Chris Newman started Santa Cruz Aquaponics in 2009 in a rented Corralitos greenhouse. By the end of 2011, he was out of business and his $350,000 investment gone.
“It does seem like a great idea, but I’m not convinced the vegetable world is ready for it,” Newman said.
In his case, he said, several issues brought the business down, including financing problems, conflicts with partners, and his first choice of fish — the non-native tilapia that faces regulatory hurdles.
But there also was resistance from existing agricultural interests and marketing difficulties.
“From a biosustainable point of view, I was trying to do something responsible,” Newman said. “But the market’s not paying attention. The market pays attention to price.”
Ryan Chatterson also is skeptical about large-scale aquaponics, at least for the present. A biologist, he worked in the field for 10 years, before starting to build his own operation in 2012 in Clermont, Fla., about 25 miles east of Orlando. He’s been producing crops for about three months.
He thinks small-scale, local concerns charging a premium to a market interested in healthy lifestyles is the way to go, and once he gets his initial venture off the ground, he plans to grow by opening satellite operations.
Though it took a long time, hydroponics went mainstream, Chatterson said, mentioning a 200-acre operation in Arizona. Aquaponics is a better system because you don’t need all the chemical inputs, he said. It too eventually will go mainstream.
“The science is there, the environment, we’re going to have to go that way,” Chatterson said. “It’s just a matter of how quickly we’re going to get there.”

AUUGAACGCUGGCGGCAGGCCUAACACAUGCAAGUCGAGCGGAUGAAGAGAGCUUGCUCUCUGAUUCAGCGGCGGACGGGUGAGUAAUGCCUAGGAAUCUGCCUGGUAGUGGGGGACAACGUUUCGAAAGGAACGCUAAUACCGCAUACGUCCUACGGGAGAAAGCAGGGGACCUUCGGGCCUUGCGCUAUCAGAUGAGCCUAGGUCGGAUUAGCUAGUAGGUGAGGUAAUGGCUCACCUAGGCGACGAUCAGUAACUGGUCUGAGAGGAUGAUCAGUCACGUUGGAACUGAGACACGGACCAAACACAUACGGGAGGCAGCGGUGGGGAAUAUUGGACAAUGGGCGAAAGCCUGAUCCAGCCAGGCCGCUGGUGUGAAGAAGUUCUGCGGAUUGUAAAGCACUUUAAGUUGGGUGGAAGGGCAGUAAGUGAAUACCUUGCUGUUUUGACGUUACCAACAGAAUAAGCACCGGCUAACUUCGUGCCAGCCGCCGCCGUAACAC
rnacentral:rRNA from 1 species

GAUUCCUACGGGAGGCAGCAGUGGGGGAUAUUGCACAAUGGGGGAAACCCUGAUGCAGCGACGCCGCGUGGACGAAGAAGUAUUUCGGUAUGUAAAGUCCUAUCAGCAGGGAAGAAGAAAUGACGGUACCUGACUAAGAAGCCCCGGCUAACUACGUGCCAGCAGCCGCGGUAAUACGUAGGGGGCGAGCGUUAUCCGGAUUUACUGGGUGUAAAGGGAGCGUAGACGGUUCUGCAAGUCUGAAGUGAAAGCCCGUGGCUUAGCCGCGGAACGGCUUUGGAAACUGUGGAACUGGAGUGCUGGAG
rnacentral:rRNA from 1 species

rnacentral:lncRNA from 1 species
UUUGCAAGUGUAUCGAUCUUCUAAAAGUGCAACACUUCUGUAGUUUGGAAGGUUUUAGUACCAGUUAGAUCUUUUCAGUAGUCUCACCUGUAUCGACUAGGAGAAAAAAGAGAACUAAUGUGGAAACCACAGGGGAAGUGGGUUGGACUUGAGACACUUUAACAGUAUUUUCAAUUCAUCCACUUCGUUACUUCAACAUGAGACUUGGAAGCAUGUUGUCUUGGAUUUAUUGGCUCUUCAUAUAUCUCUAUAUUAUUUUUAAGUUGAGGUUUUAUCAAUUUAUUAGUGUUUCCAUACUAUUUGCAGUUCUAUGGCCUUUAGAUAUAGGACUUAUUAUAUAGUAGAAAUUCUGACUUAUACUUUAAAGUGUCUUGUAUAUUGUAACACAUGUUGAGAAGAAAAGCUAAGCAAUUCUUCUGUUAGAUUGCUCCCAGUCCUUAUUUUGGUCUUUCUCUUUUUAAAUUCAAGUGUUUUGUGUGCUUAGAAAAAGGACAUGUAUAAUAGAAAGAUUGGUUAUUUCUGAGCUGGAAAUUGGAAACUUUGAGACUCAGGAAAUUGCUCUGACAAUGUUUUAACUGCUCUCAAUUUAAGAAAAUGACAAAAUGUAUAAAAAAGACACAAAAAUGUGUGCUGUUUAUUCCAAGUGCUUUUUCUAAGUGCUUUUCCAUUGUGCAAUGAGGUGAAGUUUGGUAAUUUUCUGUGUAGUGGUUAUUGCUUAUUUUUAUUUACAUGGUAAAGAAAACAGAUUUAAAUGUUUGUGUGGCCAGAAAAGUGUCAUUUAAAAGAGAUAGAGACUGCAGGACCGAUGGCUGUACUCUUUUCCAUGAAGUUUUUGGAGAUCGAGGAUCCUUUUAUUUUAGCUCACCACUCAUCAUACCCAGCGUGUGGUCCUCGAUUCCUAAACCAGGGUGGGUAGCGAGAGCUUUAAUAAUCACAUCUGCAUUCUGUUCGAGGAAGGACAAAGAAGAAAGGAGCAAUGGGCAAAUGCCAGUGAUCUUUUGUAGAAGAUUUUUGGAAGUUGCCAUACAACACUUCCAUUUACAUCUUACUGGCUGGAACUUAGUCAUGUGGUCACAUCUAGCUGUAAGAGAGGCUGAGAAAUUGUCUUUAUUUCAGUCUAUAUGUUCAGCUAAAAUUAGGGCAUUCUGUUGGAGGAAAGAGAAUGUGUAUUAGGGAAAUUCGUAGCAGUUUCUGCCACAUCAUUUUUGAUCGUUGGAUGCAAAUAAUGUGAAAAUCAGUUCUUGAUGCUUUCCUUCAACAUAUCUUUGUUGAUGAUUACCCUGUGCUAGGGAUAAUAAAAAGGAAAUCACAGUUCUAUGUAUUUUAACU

California, he said, will probably get there first.
Parr and Hopkins are betting on it. Though they declined to say how much they’ve spent so far, it’s clear their investment is substantial.
Parr said his years of research, including investigating what went wrong with failed ventures, will help Viridis avoid mistakes and turn a profit.
But first they have build the ecosystem, which includes tweaking the biofilters to get the microbes working correctly to break down the fish waste. They also are experimenting with different sizes of fish tanks to figure out what works best in a commercial setting.
Only a few demonstration troughs are planted now. But as workers cart out pots of rose bushes, another crew consisting of family and friends is building more aquaponics beds on either side of a row of blue 500 gallon tanks.
Parr plucked a bouquet of red-vine sorrel and oak leaf lettuce from a raft brought from his home garden. The produce will be delivered live, the roots bagged to retain moisture. He said Viridis plans to market to restaurants, where chefs can have greens like basil sitting in a cup of water on the counter top, fresh until the last leaf is picked.
One day, he said, Viridis, which means green or fresh in Latin, will be producing a wide variety of produce, from lettuce and tomatoes to strawberries and raspberries.
“This farm model we’re creating is going to be replicated by everyone,” Parr said.